Analog Film in a Digital World

Tacita Dean's FILM at Tate Turbine Hall

Joanne McNeil, editor of Rhizome, writes about Tacita Dean's work with and activism for analog film for the Paris Review Daily. An exhibition of Dean's work is currently on view at the New Museum.

As her very craft faces extinction, it fittingly became one of her subjects. Last year, Soho Film Laboratory, where she was a longtime customer, abruptly ended new orders of 16mm film prints due to new management. She was at the time preparing an installation for the Tate Modern’s Turbine Hall, as The New Yorker explained in a profile of Dean last autumn...

Nostalgia is not quite the right word to describe how Tacita Dean relates to celluloid film. She is firmly rooted in the present while considering what might pass. There’s no vaseline on the lens or sepia tone here. Her nostalgia is not for film itself, but film’s way to relate the experience time. A film projector measures out minutes and seconds relating to the speed that the footage was shot.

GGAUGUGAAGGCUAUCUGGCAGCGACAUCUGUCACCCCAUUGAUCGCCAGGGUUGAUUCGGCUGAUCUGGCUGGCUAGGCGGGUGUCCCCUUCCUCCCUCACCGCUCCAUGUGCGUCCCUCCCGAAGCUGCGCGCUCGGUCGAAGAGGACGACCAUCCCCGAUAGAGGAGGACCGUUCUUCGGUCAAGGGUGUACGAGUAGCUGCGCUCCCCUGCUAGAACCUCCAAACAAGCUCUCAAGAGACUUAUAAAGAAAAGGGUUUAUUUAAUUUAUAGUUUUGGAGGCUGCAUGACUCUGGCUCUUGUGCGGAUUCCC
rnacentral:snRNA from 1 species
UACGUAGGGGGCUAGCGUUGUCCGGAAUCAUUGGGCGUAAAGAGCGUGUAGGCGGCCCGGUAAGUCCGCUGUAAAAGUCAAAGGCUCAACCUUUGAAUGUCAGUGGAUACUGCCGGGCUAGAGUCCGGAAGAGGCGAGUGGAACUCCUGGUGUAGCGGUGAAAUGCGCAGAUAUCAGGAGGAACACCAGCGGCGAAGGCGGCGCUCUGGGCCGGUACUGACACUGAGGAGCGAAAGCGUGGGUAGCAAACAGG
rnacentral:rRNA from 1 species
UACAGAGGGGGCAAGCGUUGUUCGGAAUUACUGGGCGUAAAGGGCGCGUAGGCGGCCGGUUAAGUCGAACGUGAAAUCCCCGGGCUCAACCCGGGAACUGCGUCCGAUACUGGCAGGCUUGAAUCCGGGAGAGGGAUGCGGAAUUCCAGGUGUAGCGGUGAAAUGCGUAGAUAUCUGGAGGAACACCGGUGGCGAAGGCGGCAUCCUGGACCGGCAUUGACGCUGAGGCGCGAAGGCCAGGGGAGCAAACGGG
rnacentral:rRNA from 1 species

"Film is time made manifest: time as physical length - 24 frames per second, 16 frames in a 35mm foot,” she wrote in the accompanying wall text. “It is still images beguiled into movement by movement and is eternally magical. The time in my films is the time of film itself.”